Regarding daemon threads, the docs already say "Daemon threads are abruptly stopped at shutdown." [1]  So let's force them to stop.  Can we do that?  If we *can* simply kill the threads, can we do so without leaking resources?  Regardless, the mechanism we currently use (check for finalizing each(?) time through the eval loop) mostly works fine.  The problem is when C code called from Python in a daemon thread blocks long enough that it makes C-API calls (or even the eval loop) *after* we've started cleaning up the runtime state.  So if there was a way to interrupt that blocking code, that would probably be good enough.

The other two possible solutions are, I suppose, a bit more drastic.  What are the alternatives?


[1] https://docs.python.org/3/library/threading.html#thread-objects
msg358782 - (view) Author: Antoine Pitrou (pitrou) * (Python committer) Date: 2019-12-21 20:15
> 1. Python daemon threads

I think the answer is to document a bit more clearly that they can pose all kinds of problems.  Perhaps we could even display a visible warning when people create daemon threads.

> 2. Python threads created in atexit handlers

We could run the "join non-daemon threads" routine a *second time* after atexit handlers have been called.  It probably can't hurt (unless people do silly things?).

> 3. non-Python threads accessing the C-API

This one I don't know how to handle. By construction, a non-Python thread can do anything it wants, and we cannot add guards against this at the beginning of each C API function. I think that when someone calls the C API, we're clearly in the realm of "consenting adults".
msg359101 - (view) Author: Nick Coghlan (ncoghlan) * (Python committer) Date: 2019-12-31 05:50
Perhaps we need a threading.throw() API, similar to the one we have for generators and coroutines?

If we had that, then Py_FinalizeEx() could gain a few new features:

* throw SystemExit into all daemon threads and then give them a chance to terminate before calling any atexit handlers (printing a warning if some of the threads don't exit)
* throw SystemExit into all daemon and non-daemon threads after running atexit handlers (printing a warning if any such threads exist at all, along with another warning if some of the threads don't exit)

Adding that would require an enhancement to the PendingCall machinery, though, since most pending calls are only processed in the main thread (there's no way to route them to specific child threads).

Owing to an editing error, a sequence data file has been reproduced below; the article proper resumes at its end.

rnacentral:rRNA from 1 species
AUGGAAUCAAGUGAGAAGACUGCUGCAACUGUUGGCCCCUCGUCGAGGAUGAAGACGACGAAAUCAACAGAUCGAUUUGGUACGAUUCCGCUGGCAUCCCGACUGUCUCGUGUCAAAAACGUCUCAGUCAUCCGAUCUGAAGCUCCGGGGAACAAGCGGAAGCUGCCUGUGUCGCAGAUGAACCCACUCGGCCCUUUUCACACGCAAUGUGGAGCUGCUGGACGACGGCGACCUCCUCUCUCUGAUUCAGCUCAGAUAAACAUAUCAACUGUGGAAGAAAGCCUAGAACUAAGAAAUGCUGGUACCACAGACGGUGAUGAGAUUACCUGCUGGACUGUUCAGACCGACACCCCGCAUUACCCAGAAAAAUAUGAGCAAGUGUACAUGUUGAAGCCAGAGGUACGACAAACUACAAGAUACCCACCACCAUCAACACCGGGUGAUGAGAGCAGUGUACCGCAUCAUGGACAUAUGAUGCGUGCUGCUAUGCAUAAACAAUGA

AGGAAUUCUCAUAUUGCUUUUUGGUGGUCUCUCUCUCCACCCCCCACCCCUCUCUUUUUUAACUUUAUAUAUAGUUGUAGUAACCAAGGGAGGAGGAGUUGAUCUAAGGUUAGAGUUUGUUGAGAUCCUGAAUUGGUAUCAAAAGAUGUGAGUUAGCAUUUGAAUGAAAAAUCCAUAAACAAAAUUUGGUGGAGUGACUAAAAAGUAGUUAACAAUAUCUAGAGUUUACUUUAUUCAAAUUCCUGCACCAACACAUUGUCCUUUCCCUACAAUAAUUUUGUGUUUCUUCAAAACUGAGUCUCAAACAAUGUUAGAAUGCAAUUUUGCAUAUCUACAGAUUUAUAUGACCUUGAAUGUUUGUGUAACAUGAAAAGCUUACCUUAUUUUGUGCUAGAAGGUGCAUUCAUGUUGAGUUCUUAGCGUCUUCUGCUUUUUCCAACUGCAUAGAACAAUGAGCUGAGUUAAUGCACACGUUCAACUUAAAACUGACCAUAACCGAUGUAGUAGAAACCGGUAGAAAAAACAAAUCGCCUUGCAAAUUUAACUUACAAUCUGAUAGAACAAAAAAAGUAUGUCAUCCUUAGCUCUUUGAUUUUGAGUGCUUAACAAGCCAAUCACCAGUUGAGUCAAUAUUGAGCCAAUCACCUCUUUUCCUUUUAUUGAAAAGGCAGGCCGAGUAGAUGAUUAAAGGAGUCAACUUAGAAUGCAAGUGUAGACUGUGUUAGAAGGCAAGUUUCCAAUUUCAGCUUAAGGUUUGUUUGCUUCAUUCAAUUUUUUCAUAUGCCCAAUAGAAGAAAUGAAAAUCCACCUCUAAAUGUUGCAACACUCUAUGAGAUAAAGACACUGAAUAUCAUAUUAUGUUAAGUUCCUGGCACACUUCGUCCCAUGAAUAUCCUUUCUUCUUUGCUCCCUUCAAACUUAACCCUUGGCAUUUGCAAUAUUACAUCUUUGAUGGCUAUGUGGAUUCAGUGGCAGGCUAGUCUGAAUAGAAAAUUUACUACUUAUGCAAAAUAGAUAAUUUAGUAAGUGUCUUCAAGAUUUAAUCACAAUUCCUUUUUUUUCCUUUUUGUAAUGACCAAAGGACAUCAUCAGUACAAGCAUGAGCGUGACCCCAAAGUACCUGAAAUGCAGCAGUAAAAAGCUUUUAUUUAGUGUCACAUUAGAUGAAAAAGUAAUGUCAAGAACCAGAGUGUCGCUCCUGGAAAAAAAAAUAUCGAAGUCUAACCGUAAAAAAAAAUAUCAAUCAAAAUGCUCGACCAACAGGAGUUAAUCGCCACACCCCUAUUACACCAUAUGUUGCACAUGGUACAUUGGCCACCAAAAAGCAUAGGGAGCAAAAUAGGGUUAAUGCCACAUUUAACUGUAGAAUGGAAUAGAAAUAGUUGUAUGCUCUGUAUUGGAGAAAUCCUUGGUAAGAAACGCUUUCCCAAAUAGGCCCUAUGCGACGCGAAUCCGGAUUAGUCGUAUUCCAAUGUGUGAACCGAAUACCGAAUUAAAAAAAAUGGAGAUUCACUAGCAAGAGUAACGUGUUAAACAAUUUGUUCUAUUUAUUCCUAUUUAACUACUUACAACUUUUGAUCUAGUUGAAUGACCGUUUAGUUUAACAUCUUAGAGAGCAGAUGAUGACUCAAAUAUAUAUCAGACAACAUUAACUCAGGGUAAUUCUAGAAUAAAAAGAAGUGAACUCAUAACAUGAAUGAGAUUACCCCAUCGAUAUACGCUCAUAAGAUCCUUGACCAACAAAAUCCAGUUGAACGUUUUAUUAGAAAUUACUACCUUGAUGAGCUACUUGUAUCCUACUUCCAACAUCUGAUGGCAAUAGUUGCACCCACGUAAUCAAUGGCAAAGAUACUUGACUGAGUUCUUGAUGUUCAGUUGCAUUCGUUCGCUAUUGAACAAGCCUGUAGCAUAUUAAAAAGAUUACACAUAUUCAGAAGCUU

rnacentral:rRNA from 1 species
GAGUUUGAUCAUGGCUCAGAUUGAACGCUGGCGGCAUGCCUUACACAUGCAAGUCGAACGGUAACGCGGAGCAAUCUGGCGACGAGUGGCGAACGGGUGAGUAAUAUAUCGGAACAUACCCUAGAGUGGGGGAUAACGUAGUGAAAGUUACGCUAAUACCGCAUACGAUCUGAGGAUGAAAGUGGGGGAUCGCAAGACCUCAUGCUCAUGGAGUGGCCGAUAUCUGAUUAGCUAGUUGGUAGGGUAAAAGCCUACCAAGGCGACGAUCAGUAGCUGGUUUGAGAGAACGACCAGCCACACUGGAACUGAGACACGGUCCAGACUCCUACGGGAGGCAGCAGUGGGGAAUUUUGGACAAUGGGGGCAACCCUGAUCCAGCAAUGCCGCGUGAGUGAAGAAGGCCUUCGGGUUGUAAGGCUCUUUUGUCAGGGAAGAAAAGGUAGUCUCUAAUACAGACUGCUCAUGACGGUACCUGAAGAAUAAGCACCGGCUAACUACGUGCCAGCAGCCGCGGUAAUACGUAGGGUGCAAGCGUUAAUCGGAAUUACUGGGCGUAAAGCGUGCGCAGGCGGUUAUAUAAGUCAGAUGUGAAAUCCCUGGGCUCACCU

A simpler alternative would be to have an atomic "terminate_threads" counter in the ceval runtime state that was incremented to 1 to request that SystemExit be raised in daemon threads, and then to 2 to request that SystemExit be raised in all still running threads. When a thread received that request to exit, it would set a new flag in the thread state to indicate it was terminating, and then raise SystemExit. (The thread running Py_FinalizeEx would set that flag in advance so it wasn't affected, and other threads would use it to ensure they only raised SystemExit once). The runtime cost of this would just be another _Py_atomic_load_relaxed call in the eval_breaker branch. (Probably inside `make_pending_calls`, so it gets triggered both by the eval_breaker logic, and by explicit calls to `Py_MakePendingCalls`).
msg359103 - (view) Author: Nick Coghlan (ncoghlan) * (Python committer) Date: 2019-12-31 06:30
Thinking about that idea further, I don't think that change would help much, since the relevant operations should already be checking for thread termination when they attempt to reacquire the GIL.

That means what we're missing is:

1. When daemon threads still exist after the non-daemon threads terminate, deliberately giving them additional time to run (and hence terminate)
2. Explicitly attempting to kick daemon threads out of blocking system calls by sending them signals to provoke EINTR (I have no idea if there's a windows equivalent for this, but we should be able to use pthread_kill on POSIX systems. However, choosing *which* wakeup signal to send could be fraught with compatibility problems)
History
Date User Action Args
2020-06-03 16:42:03vstinnersetcomponents: + Subinterpreters
2019-12-31 06:30:46ncoghlansetmessages: + msg359103
2019-12-31 05:50:56ncoghlansetmessages: + msg359101
2019-12-21 20:15:13pitrousetmessages: + msg358782
2019-12-21 00:07:29eric.snowsetnosy: + tim.peters, ncoghlan, pitrou, vstinner, pablogsal, nanjekyejoannah
messages: + msg358751
2019-12-20 23:54:01eric.snowsetmessages: + msg358750
2019-12-20 23:48:58eric.snowsetmessages: + msg358749
2019-12-20 23:44:55eric.snowsetnosy: + pconnell
2019-12-20 23:40:58eric.snowsetmessages: + msg358747
2019-12-20 23:33:07eric.snowlinkissue24770 superseder
2019-12-20 23:30:22eric.snowsetstage: needs patch
versions: + Python 3.9, - Python 3.7
2019-12-20 23:30:08eric.snowsetmessages: + msg358745
2019-03-29 20:40:12eric.snowsetmessages: + msg339145
2019-03-29 20:38:26eric.snowcreate